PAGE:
Published by SID Research Cell at the CEPT University, Rishav Jain’s book on ‘Crafts in Interior Architecture’ takes a critical view of the history of building crafts in the context of space-making while analysing recent attitudes towards their integration in contemporary work.
Historically, building crafts have been an intrinsic part of making architecture in India. We have all known and been intimate with the practice. In the Indian context, the idea of ‘kala’ is rooted in many ways of working with materials and mediums. There is a great significance to the relationship of the artisan with the architecture of our subcontinent. There are, of course, many and complex layers of this relationship. That is where this book dwells. Continue reading Crafts in Interior Architecture: India. 1990 Onwards.→
Through a visual journey, acclaimed photographer Ram Rahman talks about a critical time for architecture in India – from Independence to Economic Liberalization – as we observe the anxiety of architectural positions in times of uncertainty and struggle for identity.
In India, masters are revered and apprentices forgotten. But it is the apprentices who religiously took the message, the art and the knowledge across India from the first generation of experimenters till the generation of architects and designers who work in an economically liberal India.
This video [with Ram in the background narrative] takes one through an incredibly rich history of the architecture of post-independence India when the socialist ideology worked through democracy creating a fertile ground for experiments in housing and civic architecture. This time stands in stark contrast to the present as the patterns of patronage change and the state becomes increasingly impervious to the core issues.
Ram Rahman is a photographer, designer, curator and activist based in Delhi. He has been an observer of modern movement in architecture in post-colonial India. Using photography as a window to history and the present, he observes the changing landscape of architecture, design and art in India.
He is one of the founding members of the Safdar Hashmi Memorial Trust. Ram Rahman has studied Physics from MIT followed by Graphic Design from Yale.
This presentation is excerpted from a closed-door session with MoMA‘s C-MAP Asia Group in June 2015.
Brinda Somaya explains a critical period of architecture practice in India that connects the ‘masters’ to the contemporary practices outlining the nature of work in an era that helped India come to terms with its modernity by minting the term ‘The Bridge Generation’.
I believe I belong to the first generation of practising Architects to be born after India got her freedom. For ease of reference and to give us a sense of identity I have coined the term “Architecture in India – The Bridge Generation” after a great deal of reflection and thought. The term evolved in my mind as I believe we ‘bridged’ the architectural space between the Great Masters and the current generation that continues to enter the global architectural space. Continue reading Architecture in India – The Bridge Generation→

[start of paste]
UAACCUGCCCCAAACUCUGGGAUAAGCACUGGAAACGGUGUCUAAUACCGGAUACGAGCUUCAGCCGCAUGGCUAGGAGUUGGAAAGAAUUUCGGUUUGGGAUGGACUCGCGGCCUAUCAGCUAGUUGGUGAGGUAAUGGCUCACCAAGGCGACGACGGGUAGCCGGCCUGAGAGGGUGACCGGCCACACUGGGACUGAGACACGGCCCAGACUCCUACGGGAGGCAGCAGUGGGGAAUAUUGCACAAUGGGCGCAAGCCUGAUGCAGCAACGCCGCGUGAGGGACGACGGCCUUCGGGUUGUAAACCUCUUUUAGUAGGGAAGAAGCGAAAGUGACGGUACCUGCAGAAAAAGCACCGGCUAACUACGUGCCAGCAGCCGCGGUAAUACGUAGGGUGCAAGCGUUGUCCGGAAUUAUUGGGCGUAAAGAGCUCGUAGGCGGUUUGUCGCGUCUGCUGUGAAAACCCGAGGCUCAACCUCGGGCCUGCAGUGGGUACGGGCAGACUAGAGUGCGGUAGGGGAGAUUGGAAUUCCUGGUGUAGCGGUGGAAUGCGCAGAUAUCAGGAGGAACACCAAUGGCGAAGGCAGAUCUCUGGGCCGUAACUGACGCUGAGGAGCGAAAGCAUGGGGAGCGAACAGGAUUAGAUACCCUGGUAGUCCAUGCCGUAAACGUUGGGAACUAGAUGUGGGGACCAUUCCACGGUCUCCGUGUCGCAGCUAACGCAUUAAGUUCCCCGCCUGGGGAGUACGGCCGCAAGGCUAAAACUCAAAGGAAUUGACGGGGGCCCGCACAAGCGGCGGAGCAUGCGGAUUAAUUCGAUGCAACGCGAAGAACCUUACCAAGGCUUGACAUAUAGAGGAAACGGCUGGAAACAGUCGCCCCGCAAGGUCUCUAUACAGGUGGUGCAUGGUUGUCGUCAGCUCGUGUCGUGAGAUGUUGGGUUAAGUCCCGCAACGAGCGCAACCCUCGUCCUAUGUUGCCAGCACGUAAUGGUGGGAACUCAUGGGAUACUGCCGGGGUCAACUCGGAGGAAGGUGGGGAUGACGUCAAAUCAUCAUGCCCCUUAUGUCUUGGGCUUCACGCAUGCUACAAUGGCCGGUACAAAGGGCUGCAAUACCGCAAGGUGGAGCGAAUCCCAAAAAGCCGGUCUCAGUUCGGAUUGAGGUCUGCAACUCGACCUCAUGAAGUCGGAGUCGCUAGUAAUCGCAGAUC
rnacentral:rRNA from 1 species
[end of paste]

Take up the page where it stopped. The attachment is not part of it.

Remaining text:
The book assembles influences, details and observations on and by Laurie Baker to treat one to an explicit and fitting record to his willingness to accommodate and experiment with architecture of frugality and his continuing capacity to inspire people in re-evaluating excess.
Reprinted in 2014, this book authored by Gautam Bhatia makes an invaluable contribution by documenting the intent and ideas attached to the prolific legacy of Laurie Baker that secedes from the conventional notion of architectural practice. In his preceding author’s note, Gautam Bhatia writes, “The book was originally intended to be a guide to his method of building, but over the many meetings in the verandah of his home, the Hamlet, and the numerous visits to the sites (occasionally carrying a client’s door on the roof of his car) and watching him communicate with the Malyalee masons with vigorous gestures, I came to realise that Baker’s architecture is a by-product of a larger picture – a picture that recognises the importance of people’s aspirations for a better life. I began to see that his buildings were merely a direct and honest response to this spirit, this idea. It was after having realised this that the book took a different turn.” Issued in paperback, the book is eponymously grouped in three distinct parts with brisk chapters – Life, Work & Writings. Continue reading Laurie Baker: Life, Works & Writings – Gautam Bhatia→
The City Observed by Pallavi Shrivastava reads like dispatches from a battlefront by a seasoned war correspondent. Each chapter is a stimulating vignette of some memorable place, or recently contrived artifact, through which Pallavi unravels counter intuitive conclusions. Pallavi has two eyes and many voices. Those two eyes see things often unnoticed, bringing into focus a collage of real life issues and human circumstances. She has an uncanny ability to conceive of the metropolis as an everyday person would, yet to catalyze unique understandings and conclusions from her choreographies! She navigates the metropolis building narratives out of keen insights, speaking for those without voices; giving eyes to people who have eyes, but no vision. Pallavi’s most provocative ability is to reveal contradictions between the emerging urban form and the critical needs of the everyday Mumbaikar, who emerges forgotten in the unfolding scenario. Her written landscapes reveal disturbing images of the bad within the good, and of poverty within plenty. From bright images emerge a sense of charm, tinged by nostalgia for the city’s past, yet a warning of pathos in times to come.